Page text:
Reflections on Freedom

image

Reflections on Freedom

My husband, Dan, teaches yoga, and for the classes during the week preceding July 4th, the YMCA asked instructors to mark the holiday. As sparklers and Sousa marches aren’t conducive to the Zen of yoga, Dan found what I thought was a beautiful and appropriate way to mark the holiday and address the concept of freedom.

At the beginning of class, Dan shared an invocation for peace in Sanskrit, which is similar to the Latin of India (Latin is a derivation of Sanskrit): ” Lokah samastah sukhino bhavantu”, and at the end of class he shared the translation:

“May all beings everywhere be happy and free, and may the thoughts, words, and actions of my own life contribute in some way to that happiness and to that freedom for all.”

This invocation really spoke to me, and on this holiday where we celebrate our freedom, it caused me to think about other aspects of this important subject. The obvious freedom, and the price so many have paid for it, is one aspect. I have seen the effects of fighting in wars on my father, my brother, and on our family. I don’t wish it on anyone. Personal freedoms are another aspect, and I have witnessed my gay and lesbian friends and my friends of color struggle with the loss of their personal freedoms due to the ignorance and prejudice of others.

The last aspect of freedom that I considered, however, is more introspective, more personal, and yet it has the potential to bring freedom to every single person; the freedom of the heart and mind. This freedom is one that can never truly be taken away from us. Try as people might to enforce their will on the world day after day, our hearts and minds are still our own- safe havens and refuge. No matter what challenges our physical bodies have to suffer through, we have the power- the freedom- to experience things through a different lens.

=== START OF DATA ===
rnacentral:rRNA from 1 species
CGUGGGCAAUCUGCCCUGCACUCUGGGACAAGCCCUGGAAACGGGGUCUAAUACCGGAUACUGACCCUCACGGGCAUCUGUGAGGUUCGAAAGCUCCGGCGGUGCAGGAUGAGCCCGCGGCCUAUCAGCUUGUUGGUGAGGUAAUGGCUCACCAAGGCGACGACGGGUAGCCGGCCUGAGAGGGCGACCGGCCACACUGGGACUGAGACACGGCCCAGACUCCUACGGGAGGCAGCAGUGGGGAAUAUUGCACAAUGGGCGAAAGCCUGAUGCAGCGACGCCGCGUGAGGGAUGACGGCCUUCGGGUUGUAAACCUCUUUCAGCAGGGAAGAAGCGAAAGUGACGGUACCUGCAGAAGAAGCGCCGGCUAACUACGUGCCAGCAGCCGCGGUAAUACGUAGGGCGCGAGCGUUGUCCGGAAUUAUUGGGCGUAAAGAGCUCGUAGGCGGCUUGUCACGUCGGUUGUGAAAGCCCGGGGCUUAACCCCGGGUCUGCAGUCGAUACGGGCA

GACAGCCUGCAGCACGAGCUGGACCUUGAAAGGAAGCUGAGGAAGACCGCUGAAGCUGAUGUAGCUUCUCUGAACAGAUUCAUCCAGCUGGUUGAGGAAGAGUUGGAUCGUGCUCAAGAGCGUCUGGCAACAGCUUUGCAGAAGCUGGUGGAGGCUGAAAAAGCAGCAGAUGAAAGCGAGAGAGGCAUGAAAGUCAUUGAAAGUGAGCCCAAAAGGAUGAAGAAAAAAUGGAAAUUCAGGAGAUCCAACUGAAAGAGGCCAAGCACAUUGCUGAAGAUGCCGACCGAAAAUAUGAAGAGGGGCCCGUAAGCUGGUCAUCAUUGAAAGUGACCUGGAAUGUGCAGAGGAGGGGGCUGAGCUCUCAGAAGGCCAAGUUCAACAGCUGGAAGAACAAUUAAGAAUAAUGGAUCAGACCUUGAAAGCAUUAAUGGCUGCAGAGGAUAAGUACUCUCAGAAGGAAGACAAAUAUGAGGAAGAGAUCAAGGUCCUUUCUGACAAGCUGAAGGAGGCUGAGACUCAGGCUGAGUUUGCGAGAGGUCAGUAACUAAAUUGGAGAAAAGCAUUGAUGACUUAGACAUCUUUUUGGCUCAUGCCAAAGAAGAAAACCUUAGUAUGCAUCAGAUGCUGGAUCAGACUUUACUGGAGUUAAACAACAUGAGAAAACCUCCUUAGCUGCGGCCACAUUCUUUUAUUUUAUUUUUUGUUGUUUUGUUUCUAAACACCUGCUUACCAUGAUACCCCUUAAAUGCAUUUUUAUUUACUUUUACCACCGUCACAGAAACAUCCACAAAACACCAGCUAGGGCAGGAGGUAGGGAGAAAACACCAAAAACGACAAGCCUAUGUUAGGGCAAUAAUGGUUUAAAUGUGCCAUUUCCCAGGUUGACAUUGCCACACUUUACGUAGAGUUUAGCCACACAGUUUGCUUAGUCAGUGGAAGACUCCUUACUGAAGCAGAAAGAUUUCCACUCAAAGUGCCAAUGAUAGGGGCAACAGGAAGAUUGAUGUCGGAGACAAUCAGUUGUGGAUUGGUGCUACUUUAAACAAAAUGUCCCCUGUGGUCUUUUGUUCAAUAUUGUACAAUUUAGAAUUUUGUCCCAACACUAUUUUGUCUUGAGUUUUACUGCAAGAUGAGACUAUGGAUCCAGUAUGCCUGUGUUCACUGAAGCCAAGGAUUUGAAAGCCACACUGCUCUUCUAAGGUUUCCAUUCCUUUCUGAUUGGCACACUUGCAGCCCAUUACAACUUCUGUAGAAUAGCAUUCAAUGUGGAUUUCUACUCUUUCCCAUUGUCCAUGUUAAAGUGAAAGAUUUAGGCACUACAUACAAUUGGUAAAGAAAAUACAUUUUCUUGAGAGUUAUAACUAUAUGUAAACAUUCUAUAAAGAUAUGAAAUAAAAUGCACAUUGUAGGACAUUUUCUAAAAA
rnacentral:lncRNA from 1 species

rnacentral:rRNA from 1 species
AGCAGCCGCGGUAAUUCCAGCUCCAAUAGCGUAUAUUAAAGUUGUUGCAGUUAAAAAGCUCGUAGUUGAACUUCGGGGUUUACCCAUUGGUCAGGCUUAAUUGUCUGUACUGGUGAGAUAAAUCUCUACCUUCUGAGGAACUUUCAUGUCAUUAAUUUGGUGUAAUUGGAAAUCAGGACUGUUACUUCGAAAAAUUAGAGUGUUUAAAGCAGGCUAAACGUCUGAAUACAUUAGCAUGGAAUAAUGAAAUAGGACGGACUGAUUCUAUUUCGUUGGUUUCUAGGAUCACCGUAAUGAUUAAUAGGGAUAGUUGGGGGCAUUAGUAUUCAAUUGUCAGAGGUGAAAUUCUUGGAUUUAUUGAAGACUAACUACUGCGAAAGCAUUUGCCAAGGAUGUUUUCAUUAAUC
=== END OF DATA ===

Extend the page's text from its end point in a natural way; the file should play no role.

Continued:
Freedom is an outgrowth of so many things, including sacrifice and struggle. However, it also is an outgrowth of peace. If we can come to a place of true peace in our hearts and minds, we can then share that peace with those we interact with, and then they can share, and on and on. The beautiful ripples that poet Mary Oliver writes about. The idea of my responsibility to spread peace and understanding to those around me is important to me. That peace and understanding isn’t just for those who think like I do, but for everyone. Everyone. 

Our world has become so polarized that it is often difficult to find common ground to even begin a dialogue. Instead of valuing a rich pool of ideas, we see only our way as the “right” way. In growing toward this place of division, we have lost so much, losing the ability to keep our hearts and minds open to new ideas, new ways of thinking, new solutions to the myriad of problems facing our world.

I don’t have all of the answers. All I know is that I can choose to be a part of the solution or not. I can use the freedom of a peaceful and loving heart to manifest change in myself that will help to open others up, or I can hold on to anger and divisiveness. And I know which path I will choose.

“May all beings everywhere be happy and free, and may the thoughts, words, and actions of my own life contribute in some way to that happiness and to that freedom for all.”

Namaste.


Leave a Reply

Fill in your details below or click an icon to log in:

WordPress.com Logo

You are commenting using your WordPress.com account. Log Out / Change )

Twitter picture

You are commenting using your Twitter account. Log Out / Change )

Facebook photo

You are commenting using your Facebook account. Log Out / Change )

Google+ photo

You are commenting using your Google+ account. Log Out / Change )

Connecting to %s